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Literary Mixtape Vol. 12

Side A:

Side B:

March 31, 2024

Happy long weekend, wherever this finds ya. I hope you're coasting on a sugar high and if you've got kiddos, I hope you're coasting on a decent amount of sleep (those eggs aren't going to hide themselves).

It's especially exciting to feature a mixtape with Neil Young on his return to Spotify. Whatever you think of his decision to leave in 2022, or his decision to return these past few weeks, I'm glad to have an unbroken streak of songs for the M7 Master Playlist. Some of the songs have been hard to find; some are temporarily removed. But I haven't yet come across an M7 song which I haven't been able to find and add to the playlist, and that feels pretty good after six months of publishing.

Speaking of – six months! I'm reeling a bit. I'm going to keep this little project up as long as I'm able, thank you for supporting it as it grows. I hope you get a bit of time between egg hunts and dinners and church services and family to catch up on this latest volume.

t.r. san's "This House" treads delicately on heavy subject matter. The piece, in t.r.'s own words, "explores memory, (my fear around my inherited risk of) dementia, names, and my relationship to names as a transfeminine person." Please note a content warning of implied sexual assault.

M.M. Kaufman follows suit in exploring the rolling waves of grief in "Impossible Year". At once heartbreaking and hilarious, Kaufman's elegy recounts the unthinkable task of celebrating life in the shadow of death.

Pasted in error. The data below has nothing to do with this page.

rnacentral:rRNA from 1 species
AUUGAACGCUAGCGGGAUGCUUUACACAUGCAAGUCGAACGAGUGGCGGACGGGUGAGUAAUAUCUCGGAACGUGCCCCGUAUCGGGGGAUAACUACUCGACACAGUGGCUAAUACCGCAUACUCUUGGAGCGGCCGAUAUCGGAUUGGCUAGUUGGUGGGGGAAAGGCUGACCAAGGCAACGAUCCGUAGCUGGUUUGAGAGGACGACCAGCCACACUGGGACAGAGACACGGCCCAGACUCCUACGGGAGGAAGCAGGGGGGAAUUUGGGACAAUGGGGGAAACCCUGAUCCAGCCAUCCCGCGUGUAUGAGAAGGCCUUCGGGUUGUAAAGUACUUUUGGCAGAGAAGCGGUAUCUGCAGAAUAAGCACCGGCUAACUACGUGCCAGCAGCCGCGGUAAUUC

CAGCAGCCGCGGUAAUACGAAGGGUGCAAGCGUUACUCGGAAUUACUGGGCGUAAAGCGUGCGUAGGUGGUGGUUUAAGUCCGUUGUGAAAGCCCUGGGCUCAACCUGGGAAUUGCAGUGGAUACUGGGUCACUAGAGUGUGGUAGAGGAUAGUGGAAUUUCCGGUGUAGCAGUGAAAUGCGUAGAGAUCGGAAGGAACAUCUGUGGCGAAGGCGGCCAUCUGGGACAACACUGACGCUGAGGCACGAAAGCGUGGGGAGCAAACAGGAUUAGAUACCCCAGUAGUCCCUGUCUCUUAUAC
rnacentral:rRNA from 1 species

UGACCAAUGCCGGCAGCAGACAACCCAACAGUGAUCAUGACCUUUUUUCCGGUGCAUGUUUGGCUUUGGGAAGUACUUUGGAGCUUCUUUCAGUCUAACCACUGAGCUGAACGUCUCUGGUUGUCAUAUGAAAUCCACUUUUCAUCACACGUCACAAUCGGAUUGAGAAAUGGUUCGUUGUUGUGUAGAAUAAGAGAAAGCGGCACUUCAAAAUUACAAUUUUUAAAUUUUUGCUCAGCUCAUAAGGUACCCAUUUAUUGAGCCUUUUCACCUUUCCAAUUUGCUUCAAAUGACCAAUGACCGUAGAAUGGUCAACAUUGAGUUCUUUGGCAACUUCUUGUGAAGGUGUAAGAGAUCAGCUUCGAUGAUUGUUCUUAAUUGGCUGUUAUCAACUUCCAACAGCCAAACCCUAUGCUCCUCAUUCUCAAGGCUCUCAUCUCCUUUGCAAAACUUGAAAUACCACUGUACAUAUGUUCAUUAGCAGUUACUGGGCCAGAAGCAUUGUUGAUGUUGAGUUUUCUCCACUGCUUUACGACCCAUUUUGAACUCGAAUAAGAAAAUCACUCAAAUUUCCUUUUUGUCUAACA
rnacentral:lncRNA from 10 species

Aarik Danielson summons the strange tempest of a relationship weathering its seasons in "Head Over Heels", moving from rain-soaked baptisms to whispers of snow, parting cloudbursts and tracing sun-kissed freckles.

Sheldon Birnie's "Don't Cry No Tears" follows a slow canoe trip on a glassy lake made a little less lonely with an unexpected passenger belting Neil Young for the ride. No talk, just tunes. Sometimes that's all we need.

Aubri Kaufman's "Title and Registration" is a study in contrasts, tempering the sharp sting of an accident with a smoke-laden song bond, softening harsh sirens with the romance of runaways.

Emily Costa's "Never Meant" is a letter to a lost friend, a lament for the conversations that hang heavy on our tongues and ominous in last messages after someone passes away.

Thanks for listening, as always.




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